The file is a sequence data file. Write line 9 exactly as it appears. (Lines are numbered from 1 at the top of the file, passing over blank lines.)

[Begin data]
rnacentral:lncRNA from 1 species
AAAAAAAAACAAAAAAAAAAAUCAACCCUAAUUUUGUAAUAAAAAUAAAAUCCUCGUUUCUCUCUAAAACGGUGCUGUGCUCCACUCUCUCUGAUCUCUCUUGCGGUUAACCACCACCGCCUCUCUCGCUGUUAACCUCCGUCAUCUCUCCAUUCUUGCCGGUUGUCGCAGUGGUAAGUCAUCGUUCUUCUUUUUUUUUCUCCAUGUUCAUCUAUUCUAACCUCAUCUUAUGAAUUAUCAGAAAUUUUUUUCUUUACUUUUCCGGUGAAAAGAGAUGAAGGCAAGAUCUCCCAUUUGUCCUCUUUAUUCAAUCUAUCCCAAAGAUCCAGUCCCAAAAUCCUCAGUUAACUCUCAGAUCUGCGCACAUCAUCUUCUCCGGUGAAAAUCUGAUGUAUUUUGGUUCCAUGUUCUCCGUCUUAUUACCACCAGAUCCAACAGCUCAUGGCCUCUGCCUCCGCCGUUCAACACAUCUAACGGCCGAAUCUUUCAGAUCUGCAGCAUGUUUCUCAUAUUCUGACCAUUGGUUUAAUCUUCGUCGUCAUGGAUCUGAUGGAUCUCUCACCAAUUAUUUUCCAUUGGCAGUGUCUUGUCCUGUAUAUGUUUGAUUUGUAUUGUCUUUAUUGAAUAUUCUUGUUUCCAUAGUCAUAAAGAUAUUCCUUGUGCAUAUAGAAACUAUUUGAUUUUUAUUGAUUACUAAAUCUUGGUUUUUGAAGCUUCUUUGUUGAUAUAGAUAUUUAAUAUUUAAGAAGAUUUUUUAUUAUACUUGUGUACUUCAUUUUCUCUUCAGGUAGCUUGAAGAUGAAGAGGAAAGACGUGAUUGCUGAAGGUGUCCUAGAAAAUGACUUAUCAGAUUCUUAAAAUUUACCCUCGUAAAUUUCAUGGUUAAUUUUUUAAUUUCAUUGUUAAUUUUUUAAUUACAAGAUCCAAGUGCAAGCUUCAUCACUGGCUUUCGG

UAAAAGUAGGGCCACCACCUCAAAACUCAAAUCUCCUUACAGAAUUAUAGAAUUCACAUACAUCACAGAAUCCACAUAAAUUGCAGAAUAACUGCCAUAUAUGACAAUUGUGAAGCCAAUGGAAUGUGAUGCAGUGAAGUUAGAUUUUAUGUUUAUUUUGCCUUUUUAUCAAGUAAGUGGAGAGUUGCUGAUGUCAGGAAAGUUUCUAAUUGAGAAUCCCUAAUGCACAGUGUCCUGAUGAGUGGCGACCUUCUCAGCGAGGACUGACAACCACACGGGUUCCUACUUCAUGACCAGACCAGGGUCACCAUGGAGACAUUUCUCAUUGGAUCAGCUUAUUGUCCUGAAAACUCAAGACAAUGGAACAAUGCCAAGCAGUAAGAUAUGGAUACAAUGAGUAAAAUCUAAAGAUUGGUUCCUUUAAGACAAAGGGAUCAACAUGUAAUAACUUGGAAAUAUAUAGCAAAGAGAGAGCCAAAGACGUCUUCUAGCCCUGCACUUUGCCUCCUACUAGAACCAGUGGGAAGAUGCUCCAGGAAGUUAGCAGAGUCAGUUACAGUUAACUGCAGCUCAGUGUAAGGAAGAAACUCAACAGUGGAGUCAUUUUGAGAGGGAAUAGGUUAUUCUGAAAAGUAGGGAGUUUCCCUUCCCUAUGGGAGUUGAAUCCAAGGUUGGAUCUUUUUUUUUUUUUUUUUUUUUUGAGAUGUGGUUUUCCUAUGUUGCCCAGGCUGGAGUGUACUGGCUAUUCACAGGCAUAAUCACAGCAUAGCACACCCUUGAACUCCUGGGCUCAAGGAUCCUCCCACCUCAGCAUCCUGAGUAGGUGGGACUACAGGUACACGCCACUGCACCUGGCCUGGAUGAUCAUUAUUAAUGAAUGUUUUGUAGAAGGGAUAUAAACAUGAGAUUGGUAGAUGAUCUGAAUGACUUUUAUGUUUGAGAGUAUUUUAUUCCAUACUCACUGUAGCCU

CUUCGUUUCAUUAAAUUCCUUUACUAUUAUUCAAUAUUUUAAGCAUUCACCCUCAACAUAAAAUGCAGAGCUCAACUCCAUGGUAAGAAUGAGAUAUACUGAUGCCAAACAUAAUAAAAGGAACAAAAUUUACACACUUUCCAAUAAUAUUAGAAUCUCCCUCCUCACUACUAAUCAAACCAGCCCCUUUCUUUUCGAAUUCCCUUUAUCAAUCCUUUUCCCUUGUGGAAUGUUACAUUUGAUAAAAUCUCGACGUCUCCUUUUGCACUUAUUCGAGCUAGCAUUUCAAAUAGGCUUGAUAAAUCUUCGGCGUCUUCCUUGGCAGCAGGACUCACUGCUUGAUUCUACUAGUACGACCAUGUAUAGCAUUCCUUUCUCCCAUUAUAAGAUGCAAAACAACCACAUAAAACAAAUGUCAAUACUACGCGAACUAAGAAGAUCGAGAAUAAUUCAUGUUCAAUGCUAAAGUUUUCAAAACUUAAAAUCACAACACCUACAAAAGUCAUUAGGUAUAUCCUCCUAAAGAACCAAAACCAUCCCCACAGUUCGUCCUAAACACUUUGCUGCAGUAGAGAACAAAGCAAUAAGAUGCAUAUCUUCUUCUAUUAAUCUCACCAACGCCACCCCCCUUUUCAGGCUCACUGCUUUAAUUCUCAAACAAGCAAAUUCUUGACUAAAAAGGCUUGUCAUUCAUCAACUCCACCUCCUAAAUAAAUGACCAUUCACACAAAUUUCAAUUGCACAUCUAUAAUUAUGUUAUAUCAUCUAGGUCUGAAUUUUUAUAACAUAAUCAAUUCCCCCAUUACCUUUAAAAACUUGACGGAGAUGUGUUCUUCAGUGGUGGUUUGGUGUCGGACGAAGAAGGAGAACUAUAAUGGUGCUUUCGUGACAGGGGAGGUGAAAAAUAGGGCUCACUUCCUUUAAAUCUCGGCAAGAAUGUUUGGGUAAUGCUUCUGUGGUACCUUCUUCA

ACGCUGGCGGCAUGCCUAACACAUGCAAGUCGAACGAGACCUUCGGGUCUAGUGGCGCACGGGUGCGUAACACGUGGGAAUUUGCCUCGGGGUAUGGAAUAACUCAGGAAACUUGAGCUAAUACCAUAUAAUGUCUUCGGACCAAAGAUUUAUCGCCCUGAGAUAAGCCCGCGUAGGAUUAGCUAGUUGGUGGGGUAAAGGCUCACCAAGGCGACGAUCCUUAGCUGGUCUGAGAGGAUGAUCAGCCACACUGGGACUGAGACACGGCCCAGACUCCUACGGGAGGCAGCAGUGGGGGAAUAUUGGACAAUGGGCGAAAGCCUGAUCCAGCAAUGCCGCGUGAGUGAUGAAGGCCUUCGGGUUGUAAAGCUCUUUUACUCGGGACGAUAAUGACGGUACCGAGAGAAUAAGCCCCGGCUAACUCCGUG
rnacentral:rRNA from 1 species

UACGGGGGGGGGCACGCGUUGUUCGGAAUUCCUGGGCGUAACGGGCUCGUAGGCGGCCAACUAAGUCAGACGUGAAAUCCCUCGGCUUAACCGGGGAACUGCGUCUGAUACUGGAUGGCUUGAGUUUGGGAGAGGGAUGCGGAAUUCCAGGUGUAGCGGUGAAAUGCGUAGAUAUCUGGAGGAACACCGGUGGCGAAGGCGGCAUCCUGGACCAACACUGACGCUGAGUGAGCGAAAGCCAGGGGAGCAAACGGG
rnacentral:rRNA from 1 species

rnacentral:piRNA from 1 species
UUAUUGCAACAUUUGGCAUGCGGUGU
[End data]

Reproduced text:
rnacentral:piRNA from 1 species